Half of Households Still Face a Retirement Shortfall – Even with Rising Assets

Mobile Share Email Facebook Twitter LinkedIn
Headshot of Alicia H. Munnell

is a columnist for MarketWatch and director of the Center for Retirement Research at Boston College.

Workers should plan to work longer and save more.

The release of the Federal Reserve’s 2016 Survey of Consumer Finances (SCF) is a great opportunity to reassess Americans’ retirement preparedness as mea­sured by the National Retirement Risk Index (NRRI).  The NRRI shows the share of working-age house­holds who are “at risk” of being unable to maintain their pre-retirement standard of living in retirement.  This Index is constructed using the SCF, a triennial nationally representative survey of household finances.

Constructing the NRRI involves three steps: 1) projecting a replacement rate – retirement income as a share of pre-retirement income – for each of the households in the sample; 2) constructing a target replacement rate that would allow each household to maintain its pre-retirement standard of living in retirement; and 3) comparing the projected and target replacement rates to find the percentage of households “at risk.”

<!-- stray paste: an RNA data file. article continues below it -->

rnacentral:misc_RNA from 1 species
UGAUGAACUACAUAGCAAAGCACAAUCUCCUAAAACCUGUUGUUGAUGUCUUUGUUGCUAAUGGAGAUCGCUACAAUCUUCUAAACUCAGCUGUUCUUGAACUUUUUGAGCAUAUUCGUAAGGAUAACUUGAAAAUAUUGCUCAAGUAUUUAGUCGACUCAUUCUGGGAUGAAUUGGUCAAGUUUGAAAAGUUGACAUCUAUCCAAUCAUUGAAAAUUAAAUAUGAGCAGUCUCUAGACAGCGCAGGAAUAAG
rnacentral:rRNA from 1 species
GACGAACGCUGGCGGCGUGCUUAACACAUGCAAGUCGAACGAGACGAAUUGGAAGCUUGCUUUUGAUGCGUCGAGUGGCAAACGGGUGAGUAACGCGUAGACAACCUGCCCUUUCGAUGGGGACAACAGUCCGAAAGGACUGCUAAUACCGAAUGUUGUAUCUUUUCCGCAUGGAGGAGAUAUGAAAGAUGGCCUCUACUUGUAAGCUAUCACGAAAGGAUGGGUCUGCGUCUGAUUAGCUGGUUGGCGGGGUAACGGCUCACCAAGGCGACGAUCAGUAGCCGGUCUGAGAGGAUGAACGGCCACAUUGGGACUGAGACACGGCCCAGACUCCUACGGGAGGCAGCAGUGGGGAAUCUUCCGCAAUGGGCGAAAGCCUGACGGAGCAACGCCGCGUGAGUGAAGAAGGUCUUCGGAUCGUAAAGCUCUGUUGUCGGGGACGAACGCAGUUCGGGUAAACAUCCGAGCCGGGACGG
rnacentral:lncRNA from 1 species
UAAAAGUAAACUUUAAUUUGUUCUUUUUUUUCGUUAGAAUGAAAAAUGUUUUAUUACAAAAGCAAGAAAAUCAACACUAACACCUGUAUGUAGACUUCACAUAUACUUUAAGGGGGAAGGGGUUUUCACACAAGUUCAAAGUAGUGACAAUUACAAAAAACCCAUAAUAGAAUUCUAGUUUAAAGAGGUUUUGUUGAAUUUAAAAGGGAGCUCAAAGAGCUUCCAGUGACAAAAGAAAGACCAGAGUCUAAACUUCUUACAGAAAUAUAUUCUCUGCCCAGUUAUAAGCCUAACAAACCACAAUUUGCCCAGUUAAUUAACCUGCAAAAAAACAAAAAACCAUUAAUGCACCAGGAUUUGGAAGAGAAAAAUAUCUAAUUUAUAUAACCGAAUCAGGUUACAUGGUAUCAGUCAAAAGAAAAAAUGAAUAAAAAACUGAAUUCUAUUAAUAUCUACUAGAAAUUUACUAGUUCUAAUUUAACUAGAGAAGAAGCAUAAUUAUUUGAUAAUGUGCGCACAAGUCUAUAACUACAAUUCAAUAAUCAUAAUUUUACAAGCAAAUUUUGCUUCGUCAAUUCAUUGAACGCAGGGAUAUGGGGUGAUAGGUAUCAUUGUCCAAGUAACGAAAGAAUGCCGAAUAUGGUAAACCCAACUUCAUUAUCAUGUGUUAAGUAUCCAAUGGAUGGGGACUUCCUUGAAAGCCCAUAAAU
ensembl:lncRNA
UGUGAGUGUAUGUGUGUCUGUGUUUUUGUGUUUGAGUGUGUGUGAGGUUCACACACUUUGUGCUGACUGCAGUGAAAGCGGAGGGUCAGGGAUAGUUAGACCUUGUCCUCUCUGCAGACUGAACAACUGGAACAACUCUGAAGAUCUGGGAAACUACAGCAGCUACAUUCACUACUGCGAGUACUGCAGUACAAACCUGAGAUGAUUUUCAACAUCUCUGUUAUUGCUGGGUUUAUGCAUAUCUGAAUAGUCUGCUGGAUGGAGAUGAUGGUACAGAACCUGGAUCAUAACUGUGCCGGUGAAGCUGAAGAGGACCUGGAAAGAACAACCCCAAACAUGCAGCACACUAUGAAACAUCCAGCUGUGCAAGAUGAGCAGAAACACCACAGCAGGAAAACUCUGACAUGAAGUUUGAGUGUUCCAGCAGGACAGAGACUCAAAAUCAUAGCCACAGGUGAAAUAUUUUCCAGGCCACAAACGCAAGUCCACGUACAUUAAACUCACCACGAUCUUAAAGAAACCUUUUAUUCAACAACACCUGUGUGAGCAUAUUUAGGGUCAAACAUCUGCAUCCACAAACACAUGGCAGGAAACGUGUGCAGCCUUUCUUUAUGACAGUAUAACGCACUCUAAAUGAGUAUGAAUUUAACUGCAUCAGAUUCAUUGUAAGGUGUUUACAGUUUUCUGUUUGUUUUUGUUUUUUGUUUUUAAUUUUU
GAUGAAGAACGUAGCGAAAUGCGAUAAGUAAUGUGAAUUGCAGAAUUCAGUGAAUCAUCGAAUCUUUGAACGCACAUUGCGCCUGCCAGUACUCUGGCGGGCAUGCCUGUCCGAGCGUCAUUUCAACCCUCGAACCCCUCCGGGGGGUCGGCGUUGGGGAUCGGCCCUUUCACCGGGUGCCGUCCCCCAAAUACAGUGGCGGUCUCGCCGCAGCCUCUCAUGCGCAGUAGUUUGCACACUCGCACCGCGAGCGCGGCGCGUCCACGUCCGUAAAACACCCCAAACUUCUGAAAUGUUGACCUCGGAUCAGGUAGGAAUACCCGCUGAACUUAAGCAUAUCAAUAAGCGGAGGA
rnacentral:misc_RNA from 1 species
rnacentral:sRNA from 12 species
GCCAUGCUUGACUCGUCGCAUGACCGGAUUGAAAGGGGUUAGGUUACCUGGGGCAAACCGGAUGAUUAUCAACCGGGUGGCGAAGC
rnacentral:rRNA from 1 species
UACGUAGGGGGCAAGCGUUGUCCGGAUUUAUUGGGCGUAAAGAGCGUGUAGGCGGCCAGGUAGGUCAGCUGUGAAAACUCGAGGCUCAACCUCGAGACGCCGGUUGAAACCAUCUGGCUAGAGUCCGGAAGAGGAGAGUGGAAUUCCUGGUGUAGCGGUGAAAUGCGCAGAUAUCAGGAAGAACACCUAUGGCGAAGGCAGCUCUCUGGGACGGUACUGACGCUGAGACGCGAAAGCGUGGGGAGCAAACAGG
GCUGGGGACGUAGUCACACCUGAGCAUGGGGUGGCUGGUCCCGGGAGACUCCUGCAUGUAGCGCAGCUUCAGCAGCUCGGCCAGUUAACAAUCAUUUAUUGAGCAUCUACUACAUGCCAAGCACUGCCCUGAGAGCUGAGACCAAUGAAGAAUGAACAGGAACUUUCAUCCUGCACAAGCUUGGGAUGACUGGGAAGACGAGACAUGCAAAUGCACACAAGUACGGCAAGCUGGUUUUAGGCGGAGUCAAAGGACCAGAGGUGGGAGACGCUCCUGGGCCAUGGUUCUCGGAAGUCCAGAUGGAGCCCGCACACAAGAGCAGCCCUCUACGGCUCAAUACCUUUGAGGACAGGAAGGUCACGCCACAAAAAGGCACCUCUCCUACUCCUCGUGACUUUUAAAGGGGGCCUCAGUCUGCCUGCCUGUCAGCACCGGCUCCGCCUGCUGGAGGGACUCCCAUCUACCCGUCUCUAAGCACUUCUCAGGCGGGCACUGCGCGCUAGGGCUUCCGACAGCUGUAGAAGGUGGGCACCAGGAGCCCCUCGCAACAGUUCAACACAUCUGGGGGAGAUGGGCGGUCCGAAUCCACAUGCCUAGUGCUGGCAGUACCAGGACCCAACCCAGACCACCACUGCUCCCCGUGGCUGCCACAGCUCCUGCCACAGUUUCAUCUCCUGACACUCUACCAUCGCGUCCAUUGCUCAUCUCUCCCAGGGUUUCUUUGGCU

Since the last SCF was conducted in 2013, the U.S. economy has enjoyed a period of low unemployment, rising wages, strong stock market growth, and rising house prices.  These factors should help improve households’ preparedness for retirement.  At the same time, though, longer-term trends – such as the gradual rise in Social Security’s Full Retirement Age (FRA), low interest rates, and increasing restrictions on reverse mortgages – serve as headwinds that make it more difficult to achieve retirement readiness.   

The net effect of these positive and negative developments was a decline in the percentage of working-age households at risk from 52 percent in 2013 to 50 percent in 2016 (see Figure 1). 

Bar graph showing the National Retirement Risk Index, 1983-2016

Figure 2 shows that the increase in housing prices had the largest effect on the NRRI; it reduced the Index by 1.4 percentage points, reflecting the fact that housing is most households’ largest asset.  The effect of the rise in stock prices was essentially offset by the rising Social Security FRA, the decline in annuity rates due to low interest rates, and the new rules for reverse mortgages (under the Home Equity Conversion Mortgage program (HECM)).

Bar graph showing the decrease in percentage at risk from 2013-2016 by contributing factor

The bottom line is that – despite the improvement – half of today’s households will not have enough retirement income to maintain their pre-retirement standard of living, even if they work to age 65 and annuitize all their financial assets, including the receipts from a reverse mortgage on their homes.  The update confirms that many of today’s workers need to save more and/or work longer to achieve a secure retirement.